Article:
When I hang his shirts next to mine in the closet, there are surf brands, the same ones he wore when he had hair bleached white by the sun and waves. When his skin was tan and his mouth tasted like wintergreeen gum and saltwater. When I spread my beach towel with my arms wide and the tradewinds swooped down and lifted the corners from my fingertips like a magic carpet and I would nestle my body in hot white sand and lift my eyes to the sea and she would offer the lip of a wave for his surfboard and I’d see the arms I loved paddling into the white and blue horizon.

Love was so easy then.


We hadn’t yet cried over blood that shouldn’t have come and left the hospital with an empty womb and even emptier arms. Love was easier before grief touched us.

I hadn’t yet stood in line for orange prescription bottles to try to chase away depression and anxiety. It was easier before my face crumpled and my body sagged and my hair went unwashed while my mind unraveled and I’d turn away from him at night and cry into my pillow and I was powerless to explain the sadness or make it go away. He hadn’t yet held me when I went limp like a rag doll and confessed my darkest thoughts in a voice that knew nothing but sorrow and shame.

We hadn’t yet raised our tempers and assaulted each other with unholy tongues, with faces flushed with fury, and lashed about with our words, slamming doors, and demanding that we be loved better while raging only in the wrong done to us. We hadn’t yet blamed each other for our unhappiness because we were both so dang miserable together. We hadn’t yet screamed, “I don’t even know who you are anymore! Your’e not who I fell in love with!”

We hadn’t yet answered the door to the man with the past due notice there to shut off our water while I stood with a wailing baby on my hip and piles of dirty laundry stacked by the washing machine waiting for a break to shovel them in. And the angry red bills showed up far more frequently than the paychecks.

We hadn’t known he would want people over and the BBQ going and I would long for quiet and solitude and one moment away from the children after homeschooling all week.

We hadn’t known he would want me to sit next to him on the couch while we watched American Pickers or loggers or some other show with bearded men in the wilderness doing wilderness type things. That he would want my hand in his and our thighs touching and that this would be enough for him. That touch would be a language that healed his aches.

We hadn’t known that I would need so much tenderness in his words, so much reassurance that I belonged to him and that I was lovely and that I was needed. That I would need to hear that my words and passion and purpose matter, that the suffering and beauty wasn’t in vain. That I would need him to look me in the eyes and believe for me when I couldn’t.

We hadn’t known that I would need him to take the garbage out and bring home takeout and ward off visitors on my bad days and when it was all done I would love him back by rubbing the burdens from his shoulders.

We hadn’t yet known how hard making a life together is: when he was a boy and I was a girl and we were newly in love.

I hoist the laundry basket onto hips that have birthed his three babies into the world. Our oldest now stands two full inches above his father, he is almost 16, the age we were when we first met. I hang up the flannel shirts he now layers over his surf shirts because we are far from the waters of our youth and the cold sets in here.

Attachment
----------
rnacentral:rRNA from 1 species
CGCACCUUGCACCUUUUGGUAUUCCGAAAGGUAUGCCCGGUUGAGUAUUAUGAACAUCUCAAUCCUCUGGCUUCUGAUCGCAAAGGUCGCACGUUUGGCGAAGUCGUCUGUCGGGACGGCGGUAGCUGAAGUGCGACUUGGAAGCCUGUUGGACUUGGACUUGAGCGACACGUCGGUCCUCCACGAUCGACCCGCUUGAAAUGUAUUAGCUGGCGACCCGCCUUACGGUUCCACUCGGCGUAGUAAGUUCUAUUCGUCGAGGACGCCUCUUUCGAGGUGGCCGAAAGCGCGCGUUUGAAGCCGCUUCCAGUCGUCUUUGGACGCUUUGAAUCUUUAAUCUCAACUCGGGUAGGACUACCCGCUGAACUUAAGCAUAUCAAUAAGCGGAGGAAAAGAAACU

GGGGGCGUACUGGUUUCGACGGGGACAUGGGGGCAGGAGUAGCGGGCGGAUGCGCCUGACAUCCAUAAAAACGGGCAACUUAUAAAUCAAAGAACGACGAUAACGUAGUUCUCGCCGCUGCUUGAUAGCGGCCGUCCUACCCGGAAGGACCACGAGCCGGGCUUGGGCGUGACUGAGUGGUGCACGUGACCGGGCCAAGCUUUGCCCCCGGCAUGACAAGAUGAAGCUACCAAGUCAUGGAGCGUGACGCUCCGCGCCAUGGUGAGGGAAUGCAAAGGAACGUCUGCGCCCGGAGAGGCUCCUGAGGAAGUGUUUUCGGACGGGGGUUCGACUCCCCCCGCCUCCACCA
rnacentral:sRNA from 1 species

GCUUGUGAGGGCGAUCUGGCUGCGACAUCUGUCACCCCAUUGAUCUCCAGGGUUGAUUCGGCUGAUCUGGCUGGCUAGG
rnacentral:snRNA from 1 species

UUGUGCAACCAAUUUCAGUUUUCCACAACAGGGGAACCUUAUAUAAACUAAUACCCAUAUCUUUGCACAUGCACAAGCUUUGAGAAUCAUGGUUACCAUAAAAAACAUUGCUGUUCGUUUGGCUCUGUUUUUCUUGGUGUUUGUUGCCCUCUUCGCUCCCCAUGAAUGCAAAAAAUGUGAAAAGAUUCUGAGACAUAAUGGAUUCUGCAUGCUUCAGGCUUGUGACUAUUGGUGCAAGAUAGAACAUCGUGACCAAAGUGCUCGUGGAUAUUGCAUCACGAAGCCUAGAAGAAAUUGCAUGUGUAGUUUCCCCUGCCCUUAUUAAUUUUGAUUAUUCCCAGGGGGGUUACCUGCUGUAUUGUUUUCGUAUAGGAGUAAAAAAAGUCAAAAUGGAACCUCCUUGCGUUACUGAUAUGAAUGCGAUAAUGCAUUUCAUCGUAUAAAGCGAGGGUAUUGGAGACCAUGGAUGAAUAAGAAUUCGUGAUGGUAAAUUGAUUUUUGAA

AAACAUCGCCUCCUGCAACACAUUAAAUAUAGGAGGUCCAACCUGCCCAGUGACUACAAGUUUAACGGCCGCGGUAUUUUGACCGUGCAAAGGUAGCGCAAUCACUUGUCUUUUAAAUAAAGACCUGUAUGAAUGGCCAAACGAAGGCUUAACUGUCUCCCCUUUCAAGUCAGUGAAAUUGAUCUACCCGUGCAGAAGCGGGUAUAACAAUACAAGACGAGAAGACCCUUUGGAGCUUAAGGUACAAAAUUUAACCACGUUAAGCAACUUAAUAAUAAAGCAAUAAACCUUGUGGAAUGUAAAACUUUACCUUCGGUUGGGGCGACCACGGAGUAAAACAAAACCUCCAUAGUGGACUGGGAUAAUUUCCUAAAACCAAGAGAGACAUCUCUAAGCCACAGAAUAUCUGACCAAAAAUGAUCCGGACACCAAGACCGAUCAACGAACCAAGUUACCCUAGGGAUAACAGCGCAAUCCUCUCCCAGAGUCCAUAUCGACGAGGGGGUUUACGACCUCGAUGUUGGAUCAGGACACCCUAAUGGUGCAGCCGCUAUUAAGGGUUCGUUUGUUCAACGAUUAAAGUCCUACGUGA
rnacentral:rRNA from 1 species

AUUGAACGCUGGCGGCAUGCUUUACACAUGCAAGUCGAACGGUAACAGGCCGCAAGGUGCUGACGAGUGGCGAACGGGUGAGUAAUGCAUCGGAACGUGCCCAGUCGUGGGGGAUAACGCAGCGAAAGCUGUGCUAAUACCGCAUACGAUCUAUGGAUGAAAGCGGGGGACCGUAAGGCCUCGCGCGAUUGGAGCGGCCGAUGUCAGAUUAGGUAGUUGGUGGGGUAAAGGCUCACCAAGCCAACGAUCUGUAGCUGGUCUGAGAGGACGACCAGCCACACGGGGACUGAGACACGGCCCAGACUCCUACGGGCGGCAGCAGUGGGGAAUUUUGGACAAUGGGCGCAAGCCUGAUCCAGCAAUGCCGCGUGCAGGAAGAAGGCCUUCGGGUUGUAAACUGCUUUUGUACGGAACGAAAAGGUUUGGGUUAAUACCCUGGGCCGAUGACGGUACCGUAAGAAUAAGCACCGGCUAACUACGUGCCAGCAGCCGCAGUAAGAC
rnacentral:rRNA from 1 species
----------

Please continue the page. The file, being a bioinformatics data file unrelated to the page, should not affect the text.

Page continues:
I pile his painter whites into a basket. No washing will ever get out the eggshell pewter and semi-gloss antique white that form crunchy patches on his work pants. We replace them with new painter whites when he wears holes in the knees from kneeling along floorboards and masking off trim day after day. All of our married life he’s bent his back and stretched his arms as wide as the cross covering over the chipped and failing paint and he’s filled in the cracks until his hands split and bled. Until the walls were fresh and new.

He’s a simple man with simple pleasures. He drinks his generic coffee black. He likes to drive down to the country store and pick up a styrofoam cup of worms and head to the river to bait his hook and cast his line and he doesn’t rush the waiting. He doesn’t overthink things or pace across the floor. He’s only cried a handful of times and his deep gut laugh is rare and you feel somehow chosen on the occasions you’ve managed to charm it from him. He likes to tinker with things, engines or earth or the lodgepole’s he’s cut and planed into projects. He only wants to fall in bed after he’s washed the sawdust off, pull me close, and wrap his arms around me. He falls asleep in seconds.

If we ticked off check boxes in an ideal mate or the perfect match at the outset, I’m sure the database would have calculated our chances at happiness and spit out a warning. We are not an ideal pairing.

I am a complicated woman with complicated pleasures. I drink my coffee sweet and milky. I rush the waiting of every thing and it’s not in my nature to be still for long. I’m restless and anxious and I have worn holes in my soul from the pacing. I cry with abandon, plop myself on my bed and weep at times, when it feels necessary and right, and no other response will suffice. But I am just as quick to laugh with my head tipped back and my mouth sprung open, a loud cacophony of abandon. I tinge conversations with sarcasm and turn things into jokes we carry on for years like some secret inside society where a small phrase carries our memories and our moments. I don’t have the patience to fix things, or the mind to understand tools and gadgets. I only want to sleep with a mountain of pillows on my side of the mattress. His holding arms make me hot and stifled, I like space for my legs to wander towards the cool spots in the sheets. I toss and turn and sleep often evades me.